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The Irrational Library

Everything At All Times and All Things At Once

Review by Gary Hill

This is very unusual and unique. The vocals are all spoken, but more like rants than raps. The music has hints of jazz, but also plenty of punk rock built into it. I nearly included this under progressive rock, because it is clearly art rock. However, it seemed a bit raw and brutal for that category to work. It's probably closest to an artsy form of hardcore punk. The lyrics are thought provoking. They are also likely to knock people out of their comfort zone. It's been said that great art should make people uncomfortable. So, by that definition this is great art. It should be noted that beyond that discomfort factor, the bulk of this gets a parental advisory for language. You've likely never heard anything quite like this.  


This review is available in book format (hardcover and paperback) in Music Street Journal: 2020  Volume 1 at lulu.com/strangesound.


Track by Track Review
To Know that You Know Nothing
Some weird atmosphere opens this. The cut blasts into a bizarre kind of jazz jam from there. The vocals come over the top bringing something between hip hop and beat poetry as it does. This has a lot of energy and is fun.
Social Media Circle Jerk
There is a real Red Hot Chili Peppers vibe to this cool groove. This is hard rocking and funky.
Just Do It
There is a killer hard rocking groove at the heart of this thing. I'm reminded a bit of Suicidal Tendencies on this thing. There is a real punk edge to this thing, but with a healthy helping of both funk and grunge in the mix.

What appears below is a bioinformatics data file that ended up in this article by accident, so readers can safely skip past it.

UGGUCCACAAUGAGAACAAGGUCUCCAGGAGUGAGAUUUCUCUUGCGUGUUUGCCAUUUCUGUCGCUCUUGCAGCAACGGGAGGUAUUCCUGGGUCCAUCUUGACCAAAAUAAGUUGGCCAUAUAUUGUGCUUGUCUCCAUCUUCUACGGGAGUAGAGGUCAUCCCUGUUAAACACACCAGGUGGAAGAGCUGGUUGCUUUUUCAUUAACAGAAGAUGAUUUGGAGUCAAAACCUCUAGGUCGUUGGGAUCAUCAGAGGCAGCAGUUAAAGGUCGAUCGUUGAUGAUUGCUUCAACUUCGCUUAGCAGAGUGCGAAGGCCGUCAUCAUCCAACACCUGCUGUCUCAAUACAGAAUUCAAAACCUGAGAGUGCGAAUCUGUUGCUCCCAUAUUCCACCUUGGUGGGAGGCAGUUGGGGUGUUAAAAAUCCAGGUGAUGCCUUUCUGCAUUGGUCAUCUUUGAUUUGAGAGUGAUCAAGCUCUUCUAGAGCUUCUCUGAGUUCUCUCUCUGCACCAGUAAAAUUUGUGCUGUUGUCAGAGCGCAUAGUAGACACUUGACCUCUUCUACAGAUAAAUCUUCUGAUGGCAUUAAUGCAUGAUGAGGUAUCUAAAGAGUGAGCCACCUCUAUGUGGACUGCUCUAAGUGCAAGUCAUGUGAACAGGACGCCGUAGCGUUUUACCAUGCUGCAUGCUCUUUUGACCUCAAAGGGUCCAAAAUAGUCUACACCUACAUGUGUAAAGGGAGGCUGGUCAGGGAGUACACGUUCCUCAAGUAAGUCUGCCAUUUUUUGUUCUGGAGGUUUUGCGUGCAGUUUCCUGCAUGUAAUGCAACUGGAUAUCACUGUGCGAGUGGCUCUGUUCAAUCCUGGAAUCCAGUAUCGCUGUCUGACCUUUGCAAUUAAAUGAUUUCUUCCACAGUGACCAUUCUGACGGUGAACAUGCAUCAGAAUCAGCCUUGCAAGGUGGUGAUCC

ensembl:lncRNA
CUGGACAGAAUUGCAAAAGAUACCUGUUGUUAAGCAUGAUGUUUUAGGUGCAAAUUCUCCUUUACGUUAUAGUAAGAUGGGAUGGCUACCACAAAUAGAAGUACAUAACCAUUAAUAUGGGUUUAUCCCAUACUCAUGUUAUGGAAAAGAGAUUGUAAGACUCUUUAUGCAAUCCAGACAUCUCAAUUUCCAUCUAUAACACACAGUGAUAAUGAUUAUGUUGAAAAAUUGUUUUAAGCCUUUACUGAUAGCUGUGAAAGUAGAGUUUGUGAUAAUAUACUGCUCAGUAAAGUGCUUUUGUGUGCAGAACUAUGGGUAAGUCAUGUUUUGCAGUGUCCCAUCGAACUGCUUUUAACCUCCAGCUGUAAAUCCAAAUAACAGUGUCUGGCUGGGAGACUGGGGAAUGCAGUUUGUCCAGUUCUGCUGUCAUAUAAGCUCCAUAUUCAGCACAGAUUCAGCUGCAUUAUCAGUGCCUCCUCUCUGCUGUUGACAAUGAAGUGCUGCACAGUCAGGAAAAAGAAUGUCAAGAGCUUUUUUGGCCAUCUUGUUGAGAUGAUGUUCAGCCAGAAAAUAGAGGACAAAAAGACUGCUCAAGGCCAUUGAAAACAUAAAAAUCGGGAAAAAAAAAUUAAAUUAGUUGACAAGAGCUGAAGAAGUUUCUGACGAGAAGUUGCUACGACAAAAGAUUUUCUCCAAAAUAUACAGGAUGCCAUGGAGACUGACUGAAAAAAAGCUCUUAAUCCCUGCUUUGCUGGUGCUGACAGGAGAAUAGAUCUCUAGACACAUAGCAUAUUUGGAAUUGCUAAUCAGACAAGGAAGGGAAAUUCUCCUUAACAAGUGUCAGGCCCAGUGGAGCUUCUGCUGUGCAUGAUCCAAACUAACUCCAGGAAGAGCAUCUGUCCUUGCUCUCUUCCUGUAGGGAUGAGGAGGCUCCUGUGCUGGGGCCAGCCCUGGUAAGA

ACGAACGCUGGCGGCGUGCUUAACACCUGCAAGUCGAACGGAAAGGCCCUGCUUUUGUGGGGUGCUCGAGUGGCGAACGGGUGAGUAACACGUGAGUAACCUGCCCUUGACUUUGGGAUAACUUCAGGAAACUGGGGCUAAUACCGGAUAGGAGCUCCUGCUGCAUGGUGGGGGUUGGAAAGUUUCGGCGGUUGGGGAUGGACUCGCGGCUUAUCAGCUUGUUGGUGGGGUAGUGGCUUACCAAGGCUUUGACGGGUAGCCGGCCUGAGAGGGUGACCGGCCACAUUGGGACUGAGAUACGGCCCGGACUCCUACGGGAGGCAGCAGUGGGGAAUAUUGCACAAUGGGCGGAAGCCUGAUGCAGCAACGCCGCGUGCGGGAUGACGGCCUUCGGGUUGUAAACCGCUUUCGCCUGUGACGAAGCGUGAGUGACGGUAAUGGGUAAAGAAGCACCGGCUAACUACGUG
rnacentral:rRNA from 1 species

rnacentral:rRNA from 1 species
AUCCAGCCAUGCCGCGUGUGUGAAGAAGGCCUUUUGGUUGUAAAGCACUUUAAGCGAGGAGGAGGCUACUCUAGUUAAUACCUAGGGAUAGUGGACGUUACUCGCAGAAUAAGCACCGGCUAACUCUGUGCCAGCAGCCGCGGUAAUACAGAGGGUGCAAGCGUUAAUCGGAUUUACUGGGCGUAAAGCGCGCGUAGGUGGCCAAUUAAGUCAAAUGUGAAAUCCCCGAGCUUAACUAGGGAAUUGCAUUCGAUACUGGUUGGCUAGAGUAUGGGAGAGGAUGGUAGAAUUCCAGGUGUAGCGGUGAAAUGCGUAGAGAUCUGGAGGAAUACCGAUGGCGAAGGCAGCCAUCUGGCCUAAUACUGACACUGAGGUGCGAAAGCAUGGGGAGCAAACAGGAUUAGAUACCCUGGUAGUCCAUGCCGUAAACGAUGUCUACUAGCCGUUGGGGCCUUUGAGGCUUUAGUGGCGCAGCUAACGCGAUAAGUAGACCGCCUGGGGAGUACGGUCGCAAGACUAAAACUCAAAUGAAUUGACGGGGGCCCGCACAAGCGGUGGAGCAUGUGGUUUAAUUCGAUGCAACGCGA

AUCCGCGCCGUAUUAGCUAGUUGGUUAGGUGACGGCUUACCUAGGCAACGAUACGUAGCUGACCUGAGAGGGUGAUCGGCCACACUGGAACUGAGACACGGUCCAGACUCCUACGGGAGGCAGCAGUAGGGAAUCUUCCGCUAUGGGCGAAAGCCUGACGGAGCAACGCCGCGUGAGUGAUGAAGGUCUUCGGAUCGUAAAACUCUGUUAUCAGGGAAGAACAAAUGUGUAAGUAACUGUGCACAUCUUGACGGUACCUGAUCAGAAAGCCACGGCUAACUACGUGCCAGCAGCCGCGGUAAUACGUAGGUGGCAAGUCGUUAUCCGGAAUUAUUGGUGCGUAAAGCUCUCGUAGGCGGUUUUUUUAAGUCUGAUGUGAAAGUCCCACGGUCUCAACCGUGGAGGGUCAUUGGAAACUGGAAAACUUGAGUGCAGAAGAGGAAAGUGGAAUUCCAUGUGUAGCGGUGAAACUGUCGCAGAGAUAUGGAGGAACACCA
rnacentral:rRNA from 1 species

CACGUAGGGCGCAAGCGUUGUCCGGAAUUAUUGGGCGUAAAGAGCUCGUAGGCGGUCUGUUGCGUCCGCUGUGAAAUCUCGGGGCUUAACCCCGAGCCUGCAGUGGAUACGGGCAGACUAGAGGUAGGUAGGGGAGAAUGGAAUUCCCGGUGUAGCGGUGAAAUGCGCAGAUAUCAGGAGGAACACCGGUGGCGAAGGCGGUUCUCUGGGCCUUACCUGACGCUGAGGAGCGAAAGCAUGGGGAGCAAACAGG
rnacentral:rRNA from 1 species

There Still Ain’t No Travel Ban on the Dance Floor
The vocals on this make me think of The Doors quite a bit. The tune has a great rocking groove. I love the killer old school hard rock jam at the end of this thing.
Palestinian Pulled Pork
The cut opens with just a voice. Drums come in after the introduction. The vocals come back in over the top of that, creating a real beat poetry vibe.. The cut is so weird with its juxtaposed lyrical couplets, but it's also oddly compelling.
Wormhole Outside the Zeeman
There is a cool jazz element at play here. Yet it has some cool stripped back punky edge at the same time.
The Words That We Will Say on the 5th of May
The rhythm section brings this into being. The vocals come over the top. For some reason it makes me think of Lords of the New Church just a bit. The saxophone that wails over the top later is so cool. There is a good balance between more powered up and sedate sections. This powerhouse is one of the highlights of the set, really.
Students of the American Educational System
Jazz and punk merge on this killer number. It's another standout. They don't really change the format on this, but it just gels so well.
I Am Not Going to Tell You
This is a very stripped down cut with just the voice and bass for the first two-and-a-half minutes. The cut gets into a melodic rock jam from there that takes it instrumentally to the end.
Jager
The lyrics to this one are in German. The cut has a great jazz punk groove to it. It is slow moving and so classy.
The Skies Are Still Blue Like an Illusion
While there is no big change here, the jazz influences on this tune really shine. The instrumental section is on fire. It works into some weird space at the end, too.
Roy Moore’s Wife Said it Best
This cut might get some flak from people for the lyrics. It's fast paced and crazed musically. The point it's trying to make is valid, but the question arises, is there a good reason to use racist and homophobic language to make a point of inclusion? I am literally asking that question because I don't have an answer. I'm sure people who fall on one side of the equation will hate this, while those who are on the other end of it will get it the way it's intended.
Everything at All Times and All Things at Once
The music here has a real rock and roll meets punk groove.
 
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